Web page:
This is sometimes referred to as a Sprechbund. To be considered part of a speech community, one must have a communicative competence; that is, the speaker has the ability to use language in a way, appropriate in the given situation. It is possible for a speaker to be communicatively competent in more than one language. Speech communities can be members of a profession with a specialized jargon, distinct social groups like high school students or hip hop fans, or tight-knit groups like families and friends. Members of speech communities will develop slang or jargon to serve the group's special purposes and priorities. Community of Practice allows for sociolinguistics to examine the relationship between socialization and identity. Since identity is a complex structure, studying language socialization is a means to examine the micro-interactional level of practical activity; the learning of a language is influenced by family but it is supported by the larger local surroundings, such as school, sports teams, or religion.
Curriculum development is a process of improving the curriculum. Various approaches have been used in developing curricula. Used approaches consist of analysis, selecting formation and review. Analysis Design Selecting Formation Review There is no single curriculum that is'best' for all situations. Not only does geographic location depends on the type of curriculum taught, but the demographics of the population matters as well; some curriculums are based heavy of science and technology while another is focused on the arts. However, a comparison of different curricula shows certain approaches to be more effective than others. Comprehensive programmes addressing health and development have proven to be the most effective in early childhood in programmes directed at young and vulnerable children; this requires a genuine commitment from agencies and individuals to work together, to plan projects collaboratively, to involve parents and communities. A humanistic curriculum is a curriculum based on intercultural education that allows for the plurality of society while striving to ensure a balance between pluralism and universal values.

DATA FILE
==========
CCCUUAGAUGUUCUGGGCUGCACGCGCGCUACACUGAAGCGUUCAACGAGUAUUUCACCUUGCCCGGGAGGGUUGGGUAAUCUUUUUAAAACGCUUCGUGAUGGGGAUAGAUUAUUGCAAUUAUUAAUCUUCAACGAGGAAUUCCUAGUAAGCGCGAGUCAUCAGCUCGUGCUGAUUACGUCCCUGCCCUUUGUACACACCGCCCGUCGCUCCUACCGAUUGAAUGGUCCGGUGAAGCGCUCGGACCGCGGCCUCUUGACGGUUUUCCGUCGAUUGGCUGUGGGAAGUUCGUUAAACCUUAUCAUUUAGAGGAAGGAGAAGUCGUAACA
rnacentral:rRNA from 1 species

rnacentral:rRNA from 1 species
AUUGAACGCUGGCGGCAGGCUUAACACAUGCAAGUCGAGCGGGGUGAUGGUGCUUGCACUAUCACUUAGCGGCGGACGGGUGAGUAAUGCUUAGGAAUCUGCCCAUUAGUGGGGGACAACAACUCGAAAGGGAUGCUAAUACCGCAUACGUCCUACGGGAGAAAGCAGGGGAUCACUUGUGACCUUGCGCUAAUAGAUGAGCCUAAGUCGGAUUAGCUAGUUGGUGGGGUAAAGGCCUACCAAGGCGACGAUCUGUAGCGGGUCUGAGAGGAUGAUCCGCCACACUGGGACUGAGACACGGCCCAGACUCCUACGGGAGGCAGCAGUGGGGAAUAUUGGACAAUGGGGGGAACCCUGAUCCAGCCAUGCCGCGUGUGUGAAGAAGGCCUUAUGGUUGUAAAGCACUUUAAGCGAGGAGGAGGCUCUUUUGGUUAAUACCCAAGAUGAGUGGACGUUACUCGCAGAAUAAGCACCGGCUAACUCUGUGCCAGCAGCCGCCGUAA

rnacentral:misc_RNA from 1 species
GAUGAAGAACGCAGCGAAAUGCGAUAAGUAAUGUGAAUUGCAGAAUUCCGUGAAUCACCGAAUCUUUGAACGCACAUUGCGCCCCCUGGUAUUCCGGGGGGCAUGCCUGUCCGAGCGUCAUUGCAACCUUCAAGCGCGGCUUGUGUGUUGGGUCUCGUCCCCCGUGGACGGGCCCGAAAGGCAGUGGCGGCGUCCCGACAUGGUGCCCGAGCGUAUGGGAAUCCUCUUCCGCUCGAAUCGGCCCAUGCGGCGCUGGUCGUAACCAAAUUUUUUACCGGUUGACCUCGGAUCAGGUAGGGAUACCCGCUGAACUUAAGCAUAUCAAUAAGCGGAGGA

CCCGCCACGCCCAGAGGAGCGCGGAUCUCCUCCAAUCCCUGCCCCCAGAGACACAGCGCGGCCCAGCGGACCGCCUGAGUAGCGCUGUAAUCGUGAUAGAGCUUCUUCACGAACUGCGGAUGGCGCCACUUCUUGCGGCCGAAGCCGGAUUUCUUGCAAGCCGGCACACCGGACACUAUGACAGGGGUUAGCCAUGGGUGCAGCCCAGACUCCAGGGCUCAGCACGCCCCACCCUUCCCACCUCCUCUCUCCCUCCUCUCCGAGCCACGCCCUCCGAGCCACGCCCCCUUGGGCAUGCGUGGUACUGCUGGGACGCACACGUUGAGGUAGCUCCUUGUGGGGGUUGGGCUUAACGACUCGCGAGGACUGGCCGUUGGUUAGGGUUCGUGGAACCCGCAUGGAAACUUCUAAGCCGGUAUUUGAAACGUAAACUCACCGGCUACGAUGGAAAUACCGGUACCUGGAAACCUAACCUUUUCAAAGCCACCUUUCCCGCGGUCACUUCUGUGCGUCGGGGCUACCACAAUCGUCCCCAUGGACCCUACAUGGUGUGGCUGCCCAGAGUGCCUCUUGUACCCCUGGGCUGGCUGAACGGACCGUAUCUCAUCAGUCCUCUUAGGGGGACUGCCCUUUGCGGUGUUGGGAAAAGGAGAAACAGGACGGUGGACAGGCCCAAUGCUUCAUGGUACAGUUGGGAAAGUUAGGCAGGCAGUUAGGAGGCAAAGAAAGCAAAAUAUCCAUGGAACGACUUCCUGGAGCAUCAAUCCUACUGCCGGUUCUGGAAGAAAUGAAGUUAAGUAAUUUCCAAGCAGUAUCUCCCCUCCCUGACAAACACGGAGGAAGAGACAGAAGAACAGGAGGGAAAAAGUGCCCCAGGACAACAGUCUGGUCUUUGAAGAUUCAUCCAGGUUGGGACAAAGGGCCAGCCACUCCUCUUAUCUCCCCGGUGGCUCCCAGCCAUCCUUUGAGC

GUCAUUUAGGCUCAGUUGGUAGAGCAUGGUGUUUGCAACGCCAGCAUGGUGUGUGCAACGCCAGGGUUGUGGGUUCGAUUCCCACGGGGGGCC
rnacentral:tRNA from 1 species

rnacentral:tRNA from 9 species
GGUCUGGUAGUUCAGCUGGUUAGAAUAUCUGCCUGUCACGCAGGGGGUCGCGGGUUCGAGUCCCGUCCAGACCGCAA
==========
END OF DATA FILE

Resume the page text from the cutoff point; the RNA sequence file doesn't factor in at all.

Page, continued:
Glenn Andrew Ryan is an Australian former professional rugby league footballer who played for Manly-Warringah and the Canberra Raiders in the NSWRL competition. Ryan was born in Australia. Ryan debuted for Manly in 1983 and started on the bench in that year's grand final loss to Parramatta, in what was his sixth first-grade appearance. A second-rower, he became a regular fixture in the Manly team in 1984 and 1985, before injury struck, he missed the entire 1986 season with a groin injury and made only three first-grade appearances in 1987 missing out on playing in the premiership winning team that year, after which he spent the off season in England playing for Hull Kingston Rovers. Ryan, who in 1989 represented NSW City in the annual City vs Country Origin fixture, continued playing for Manly until 1990, he joined Canberra after only one season left to captain-coach local club Tuggeranong. Glenn Ryan at Rugby League project